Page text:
My art is the result of years of painting in the streets. Painting is a way for me to express my emotions and to interact with the world around me. After 10 years of painting letters and graffiti wild-style on walls, I slowly emancipated myself from the letter writing to only keep the shapes. I’ve started to develop an abstract universe with these calligraphic shapes that characterize me. I have created my own world by exploiting the subtlety of shadows and lights, the strength of colors, and the perspective of depths. I really wanted to immerse the viewer in my abstract universe. I wanted to put him physically in the center of my art.

Would you say your large-scale murals are a representation of your current work on canvas?
I would rather say that my work on canvas is the reflection of my work on walls.
But these two ways of creation are always highly connected; only the support, the size and the tools change.

What is the process you use to conceptualize a piece, refine it, “test” it, etc. so you do not get part way through painting and discover, “this is not working”?
For each mural, I first ask for a picture of the wall. Then I start thinking of the illusion that would work best as well as the colors that would be most adapted to that particular environment. Then I create the sketches to visualize the final result and confirm that it will work. I have to be sure before starting work for real on the wall that the illusion will work. However, all the calligraphic shapes and details are totally improvised on the moment.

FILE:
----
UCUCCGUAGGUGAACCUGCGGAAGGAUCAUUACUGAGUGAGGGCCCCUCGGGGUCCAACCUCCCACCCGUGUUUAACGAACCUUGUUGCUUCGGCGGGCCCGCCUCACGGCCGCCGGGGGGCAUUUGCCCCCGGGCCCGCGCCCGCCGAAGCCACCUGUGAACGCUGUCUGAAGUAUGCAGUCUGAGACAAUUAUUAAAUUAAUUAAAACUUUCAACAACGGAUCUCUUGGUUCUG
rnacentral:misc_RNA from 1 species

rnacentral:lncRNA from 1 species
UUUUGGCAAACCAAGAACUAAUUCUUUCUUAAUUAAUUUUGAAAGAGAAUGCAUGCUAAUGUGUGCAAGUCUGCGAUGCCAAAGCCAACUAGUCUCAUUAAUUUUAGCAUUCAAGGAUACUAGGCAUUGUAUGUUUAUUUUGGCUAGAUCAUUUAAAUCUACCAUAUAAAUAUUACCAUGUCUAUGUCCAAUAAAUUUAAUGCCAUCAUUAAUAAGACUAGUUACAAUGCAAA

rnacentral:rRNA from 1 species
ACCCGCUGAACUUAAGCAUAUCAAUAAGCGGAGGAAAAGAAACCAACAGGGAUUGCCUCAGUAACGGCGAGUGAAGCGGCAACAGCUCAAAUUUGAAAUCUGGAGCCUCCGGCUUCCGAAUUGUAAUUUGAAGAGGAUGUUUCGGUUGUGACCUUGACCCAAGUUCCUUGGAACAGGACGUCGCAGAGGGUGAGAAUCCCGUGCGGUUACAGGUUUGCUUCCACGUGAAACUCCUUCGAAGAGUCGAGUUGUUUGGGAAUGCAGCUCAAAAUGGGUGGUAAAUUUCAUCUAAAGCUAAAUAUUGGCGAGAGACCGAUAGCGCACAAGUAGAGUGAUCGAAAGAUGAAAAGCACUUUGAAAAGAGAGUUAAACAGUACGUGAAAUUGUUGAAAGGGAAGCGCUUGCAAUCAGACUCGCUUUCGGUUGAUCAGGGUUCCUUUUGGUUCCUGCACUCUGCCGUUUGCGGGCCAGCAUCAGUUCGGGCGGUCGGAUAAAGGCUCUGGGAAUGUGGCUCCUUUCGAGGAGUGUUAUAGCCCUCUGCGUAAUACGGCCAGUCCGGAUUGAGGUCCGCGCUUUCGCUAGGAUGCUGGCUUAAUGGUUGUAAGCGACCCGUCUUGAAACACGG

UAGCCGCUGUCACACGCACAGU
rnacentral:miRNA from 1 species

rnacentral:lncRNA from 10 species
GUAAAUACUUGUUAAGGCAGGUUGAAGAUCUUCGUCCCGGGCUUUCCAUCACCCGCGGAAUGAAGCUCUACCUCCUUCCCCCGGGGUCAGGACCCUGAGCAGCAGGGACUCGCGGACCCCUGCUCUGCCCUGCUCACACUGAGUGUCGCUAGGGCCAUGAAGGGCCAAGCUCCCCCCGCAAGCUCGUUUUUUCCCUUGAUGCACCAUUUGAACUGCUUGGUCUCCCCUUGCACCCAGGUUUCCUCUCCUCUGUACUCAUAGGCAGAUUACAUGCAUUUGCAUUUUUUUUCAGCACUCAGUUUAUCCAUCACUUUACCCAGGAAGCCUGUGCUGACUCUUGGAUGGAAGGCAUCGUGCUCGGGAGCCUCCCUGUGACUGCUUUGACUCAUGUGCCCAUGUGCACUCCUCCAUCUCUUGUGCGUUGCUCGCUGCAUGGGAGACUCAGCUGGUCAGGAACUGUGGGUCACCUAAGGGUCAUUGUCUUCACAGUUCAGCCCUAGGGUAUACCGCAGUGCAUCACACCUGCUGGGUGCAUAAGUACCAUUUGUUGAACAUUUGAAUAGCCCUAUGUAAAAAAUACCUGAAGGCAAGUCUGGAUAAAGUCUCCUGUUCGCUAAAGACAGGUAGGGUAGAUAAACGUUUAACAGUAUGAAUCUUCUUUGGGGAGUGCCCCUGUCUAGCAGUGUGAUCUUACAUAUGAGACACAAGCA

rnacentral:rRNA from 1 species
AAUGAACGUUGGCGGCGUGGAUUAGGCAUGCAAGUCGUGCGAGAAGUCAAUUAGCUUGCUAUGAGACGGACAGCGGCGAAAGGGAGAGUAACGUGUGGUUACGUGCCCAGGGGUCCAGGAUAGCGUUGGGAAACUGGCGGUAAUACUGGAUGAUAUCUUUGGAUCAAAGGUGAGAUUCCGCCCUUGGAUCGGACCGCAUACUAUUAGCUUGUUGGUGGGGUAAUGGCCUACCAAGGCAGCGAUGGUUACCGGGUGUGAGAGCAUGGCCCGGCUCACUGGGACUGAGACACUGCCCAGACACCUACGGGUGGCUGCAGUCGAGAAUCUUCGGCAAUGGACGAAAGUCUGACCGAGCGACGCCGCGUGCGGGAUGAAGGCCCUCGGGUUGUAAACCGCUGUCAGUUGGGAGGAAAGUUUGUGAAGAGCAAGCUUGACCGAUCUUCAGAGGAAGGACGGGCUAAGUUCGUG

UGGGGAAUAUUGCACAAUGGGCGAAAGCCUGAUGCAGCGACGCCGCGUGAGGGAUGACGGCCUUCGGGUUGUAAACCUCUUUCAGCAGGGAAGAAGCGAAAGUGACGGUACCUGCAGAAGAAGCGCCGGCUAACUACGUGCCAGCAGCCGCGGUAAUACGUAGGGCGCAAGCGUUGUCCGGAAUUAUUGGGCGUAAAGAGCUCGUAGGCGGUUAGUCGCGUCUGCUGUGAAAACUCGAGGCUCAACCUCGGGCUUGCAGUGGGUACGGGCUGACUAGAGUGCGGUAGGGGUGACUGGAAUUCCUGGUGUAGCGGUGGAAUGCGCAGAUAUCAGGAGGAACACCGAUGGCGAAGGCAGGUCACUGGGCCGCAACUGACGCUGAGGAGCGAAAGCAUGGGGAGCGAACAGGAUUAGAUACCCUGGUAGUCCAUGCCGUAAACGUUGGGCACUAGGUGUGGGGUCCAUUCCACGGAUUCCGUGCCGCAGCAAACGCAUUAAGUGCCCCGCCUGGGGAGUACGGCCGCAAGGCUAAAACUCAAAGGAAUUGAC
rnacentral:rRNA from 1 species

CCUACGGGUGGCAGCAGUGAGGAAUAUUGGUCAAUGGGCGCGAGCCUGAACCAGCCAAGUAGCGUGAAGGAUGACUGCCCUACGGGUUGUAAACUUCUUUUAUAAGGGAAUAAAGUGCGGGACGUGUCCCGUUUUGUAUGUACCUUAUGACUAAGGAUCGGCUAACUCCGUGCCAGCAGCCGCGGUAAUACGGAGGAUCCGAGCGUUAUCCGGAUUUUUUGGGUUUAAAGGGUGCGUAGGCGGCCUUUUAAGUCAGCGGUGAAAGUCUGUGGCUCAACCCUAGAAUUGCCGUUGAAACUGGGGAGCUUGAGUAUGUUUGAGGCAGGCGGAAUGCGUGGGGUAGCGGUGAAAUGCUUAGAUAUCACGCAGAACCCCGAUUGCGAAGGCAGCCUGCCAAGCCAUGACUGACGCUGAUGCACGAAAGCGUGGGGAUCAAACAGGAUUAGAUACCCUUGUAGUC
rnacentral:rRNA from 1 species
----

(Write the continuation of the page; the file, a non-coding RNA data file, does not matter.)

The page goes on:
One element of your painting that affects me greatly is your use of shadows that create these optical illusions. How do you create the perspective of depths in your mind?
I don’t know how to explain because the perspective of depths comes naturally in my mind. I visualize it very easily. I know without thinking of it where I have to put the shadows to create the depths. As soon as I see a wall, I figure out if it will be a good support and I project it in my mind with my style on it.

You are the creator of a new technique called “CelloGraff.” will you please tell us about it?